Legumes are the foundation of any well-rounded vegan meal plan. They deliver enough plant-based protein to keep your metabolism running, your muscles strong and your cravings at bay so you don’t feel the need to grab any processed treats when hunger strikes. Soy products like tofu, tempeh (fermented soy) and soy milk are foods that benefit your weight management efforts the most when consumed in their unprocessed and unsweetened forms.

The foundation of the vegan food pyramid is greens and vegetables followed by fruit and whole grains. This is an updated version of MyPyramid—the food guide that replaced the Food Guide Pyramid in 2005—which emphasized grains, bread, cereal, and pasta as the foundation of a good nutritional regimen. Although the vegan food pyramid serves as a guide, caloric intake and portion control are key factors for any healthy weight-loss program.
In order to help you slim down and optimize your health, vegetarian or vegan meals should contain plenty of vegetables, fruits, beans, lentils, whole grains, nuts, seeds, and healthy plant-based fats like avocado. I’ve met tons of “junk food vegetarians and vegans” who don’t eat the minimum recommended servings of produce and live on highly processed foods like faux pepperoni pizza, veggie hot dogs, vegan cookies, candy, and ice cream. It’s not just about getting the animal-based ingredients out; it’s also about eating whole, nutrient-rich foods.    
Sleep’s a big deal. Losing a mere hour of shut-eye over the course of three days is enough to negatively impact the body’s hunger and appetite-regulating hormone, ghrelin. Quality sleep, on the other hand, fuels the production of fat-burning hormones, making it a top priority if you’re trying to drop a few pounds. Valerian is an herb that’s long been valued as a mild sedative, and now research is showing what tea enthusiasts have known for centuries. In a study of women, researchers gave half the test subjects a valerian extract, and half a placebo. Thirty percent of those who received valerian reported an improvement in the quality of their sleep, versus just 4 percent of the control group. Sleep deprived? Here’s Your One Day-Plan for Better Sleep.
Thatcher came to power when I was in my 20s. I was from a working class home on Merseyside, and felt obliged to call myself a socialist. Then I became a policy researcher by trade, and all the analysis I did confirmed that Thatcher was - at least broadly - correct. But I was now a member of the (Islington) Labour Party, so felt obliged to still call myself a socialist. I'm quite old now, and it's a considerable relief to be able to finally say: Thatcher was - at least broadly - correct.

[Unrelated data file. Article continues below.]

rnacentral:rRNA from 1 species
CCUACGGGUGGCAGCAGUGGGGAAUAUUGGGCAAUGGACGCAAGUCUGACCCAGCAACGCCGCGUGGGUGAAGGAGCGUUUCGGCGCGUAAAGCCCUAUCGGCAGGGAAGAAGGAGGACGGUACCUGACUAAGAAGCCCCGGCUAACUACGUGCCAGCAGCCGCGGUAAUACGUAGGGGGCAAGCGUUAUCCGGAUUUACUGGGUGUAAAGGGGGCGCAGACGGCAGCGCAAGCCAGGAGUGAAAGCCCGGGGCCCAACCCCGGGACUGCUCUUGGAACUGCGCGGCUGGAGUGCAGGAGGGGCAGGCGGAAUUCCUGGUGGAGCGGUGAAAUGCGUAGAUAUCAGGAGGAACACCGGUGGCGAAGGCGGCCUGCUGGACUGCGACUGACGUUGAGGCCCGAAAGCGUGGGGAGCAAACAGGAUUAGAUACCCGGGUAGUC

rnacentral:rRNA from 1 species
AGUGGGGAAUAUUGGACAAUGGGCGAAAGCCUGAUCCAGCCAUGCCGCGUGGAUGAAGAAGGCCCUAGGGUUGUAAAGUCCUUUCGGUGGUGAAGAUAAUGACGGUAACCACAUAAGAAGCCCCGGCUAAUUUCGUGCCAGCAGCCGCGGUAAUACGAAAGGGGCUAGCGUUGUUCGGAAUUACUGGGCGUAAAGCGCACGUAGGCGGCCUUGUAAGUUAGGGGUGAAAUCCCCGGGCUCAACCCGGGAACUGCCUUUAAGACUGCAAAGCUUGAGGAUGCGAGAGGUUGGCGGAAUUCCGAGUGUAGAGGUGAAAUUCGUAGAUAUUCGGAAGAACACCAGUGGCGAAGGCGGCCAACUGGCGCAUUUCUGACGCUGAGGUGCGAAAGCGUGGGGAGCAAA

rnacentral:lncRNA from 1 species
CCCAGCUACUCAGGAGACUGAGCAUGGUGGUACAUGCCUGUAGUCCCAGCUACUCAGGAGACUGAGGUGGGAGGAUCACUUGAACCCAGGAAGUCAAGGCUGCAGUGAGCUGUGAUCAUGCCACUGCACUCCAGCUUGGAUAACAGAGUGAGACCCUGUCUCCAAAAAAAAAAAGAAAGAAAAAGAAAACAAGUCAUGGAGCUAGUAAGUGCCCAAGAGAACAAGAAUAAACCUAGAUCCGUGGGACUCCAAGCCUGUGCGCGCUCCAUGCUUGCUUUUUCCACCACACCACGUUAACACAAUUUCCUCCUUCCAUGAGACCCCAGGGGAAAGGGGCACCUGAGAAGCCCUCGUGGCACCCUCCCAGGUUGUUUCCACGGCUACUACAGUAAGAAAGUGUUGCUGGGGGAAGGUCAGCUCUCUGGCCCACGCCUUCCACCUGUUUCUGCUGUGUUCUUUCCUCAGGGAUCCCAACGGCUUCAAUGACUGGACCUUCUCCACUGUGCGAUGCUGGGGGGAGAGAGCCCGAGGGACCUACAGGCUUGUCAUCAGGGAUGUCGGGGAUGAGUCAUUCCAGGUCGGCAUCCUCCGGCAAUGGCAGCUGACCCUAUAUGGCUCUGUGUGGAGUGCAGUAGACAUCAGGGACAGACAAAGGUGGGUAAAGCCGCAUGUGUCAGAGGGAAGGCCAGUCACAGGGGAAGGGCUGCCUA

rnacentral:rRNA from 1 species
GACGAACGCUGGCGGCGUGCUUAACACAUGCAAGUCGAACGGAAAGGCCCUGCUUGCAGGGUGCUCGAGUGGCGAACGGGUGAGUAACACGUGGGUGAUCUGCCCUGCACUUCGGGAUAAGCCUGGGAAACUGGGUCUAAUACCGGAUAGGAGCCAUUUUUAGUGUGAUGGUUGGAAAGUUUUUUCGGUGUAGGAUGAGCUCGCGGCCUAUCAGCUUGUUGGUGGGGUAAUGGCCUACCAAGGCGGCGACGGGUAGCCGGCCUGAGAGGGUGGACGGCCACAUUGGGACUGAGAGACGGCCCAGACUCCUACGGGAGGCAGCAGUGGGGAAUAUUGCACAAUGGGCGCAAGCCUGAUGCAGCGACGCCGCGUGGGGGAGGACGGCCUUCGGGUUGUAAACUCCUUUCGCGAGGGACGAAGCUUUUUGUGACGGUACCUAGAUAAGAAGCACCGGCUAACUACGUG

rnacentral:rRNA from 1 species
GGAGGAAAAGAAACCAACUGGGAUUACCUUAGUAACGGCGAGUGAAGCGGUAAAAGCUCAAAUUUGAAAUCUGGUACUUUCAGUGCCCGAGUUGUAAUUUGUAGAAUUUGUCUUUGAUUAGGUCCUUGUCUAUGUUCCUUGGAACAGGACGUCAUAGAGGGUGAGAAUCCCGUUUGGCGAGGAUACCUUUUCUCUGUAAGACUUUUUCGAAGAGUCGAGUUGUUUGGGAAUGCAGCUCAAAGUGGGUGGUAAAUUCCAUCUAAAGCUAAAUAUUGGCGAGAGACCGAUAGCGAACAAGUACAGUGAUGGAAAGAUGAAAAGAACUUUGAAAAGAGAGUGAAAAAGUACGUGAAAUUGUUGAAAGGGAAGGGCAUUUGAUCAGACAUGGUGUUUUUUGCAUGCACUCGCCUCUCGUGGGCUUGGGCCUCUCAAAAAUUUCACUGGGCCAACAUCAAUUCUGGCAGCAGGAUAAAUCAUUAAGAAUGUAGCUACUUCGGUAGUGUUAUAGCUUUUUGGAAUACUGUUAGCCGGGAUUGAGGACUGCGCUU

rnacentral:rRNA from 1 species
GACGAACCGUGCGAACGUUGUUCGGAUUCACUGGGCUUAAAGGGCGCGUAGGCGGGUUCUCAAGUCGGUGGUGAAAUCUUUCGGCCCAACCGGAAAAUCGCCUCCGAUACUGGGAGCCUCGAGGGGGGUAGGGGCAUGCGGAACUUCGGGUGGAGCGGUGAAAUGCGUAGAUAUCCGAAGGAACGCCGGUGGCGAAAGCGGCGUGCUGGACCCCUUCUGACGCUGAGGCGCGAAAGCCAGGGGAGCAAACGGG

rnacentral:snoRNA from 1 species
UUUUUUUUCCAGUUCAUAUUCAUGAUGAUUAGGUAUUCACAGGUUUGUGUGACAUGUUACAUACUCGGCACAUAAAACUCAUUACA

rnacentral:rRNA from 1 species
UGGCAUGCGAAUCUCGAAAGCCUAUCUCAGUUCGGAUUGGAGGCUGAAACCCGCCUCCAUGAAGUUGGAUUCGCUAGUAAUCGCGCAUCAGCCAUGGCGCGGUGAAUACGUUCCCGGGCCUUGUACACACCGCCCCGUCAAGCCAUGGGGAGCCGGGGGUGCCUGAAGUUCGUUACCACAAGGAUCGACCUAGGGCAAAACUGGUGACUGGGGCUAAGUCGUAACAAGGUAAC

A 2014 Korean study examined the direct link between drinking rooibos tea and stress-induced weight gain. The researchers found that aspalathin inhibits the release of the stress hormone known as cortisol. High levels of cortisol result in feelings of hunger and increased fat storage. The fact that rooibos blocks this chemical means you can drink this tea when you're stressed out to prevent binge eating.

Health.com is part of the Meredith Health Group. All rights reserved. The material in this site is intended to be of general informational use and is not intended to constitute medical advice, probable diagnosis, or recommended treatments. All products and services featured are selected by our editors. Health.com may receive compensation for some links to products and services on this website. Offers may be subject to change without notice. See the Terms of Servicethis link opens in a new tab and Privacy Policythis link opens in a new tab (Your California Rightsthis link opens in a new tab)for more information. Ad Choicesthis link opens in a new tab | EU Data Subject Requeststhis link opens in a new tab
Mansour, M. S., Ni, Y.-M., Roberts, A. L., Kelleman, M., RoyChoudhury, A., & St-Onge, M.-P. (2013, October 1). Ginger consumption enhances the thermic effect of food and promotes feelings of satiety without affecting metabolic and hormonal parameters in overweight men: A pilot study. Metabolism, 61(10), 1347–1352. Retrieved from https://www.ncbi.nlm.nih.gov/pmc/articles/PMC3408800/
×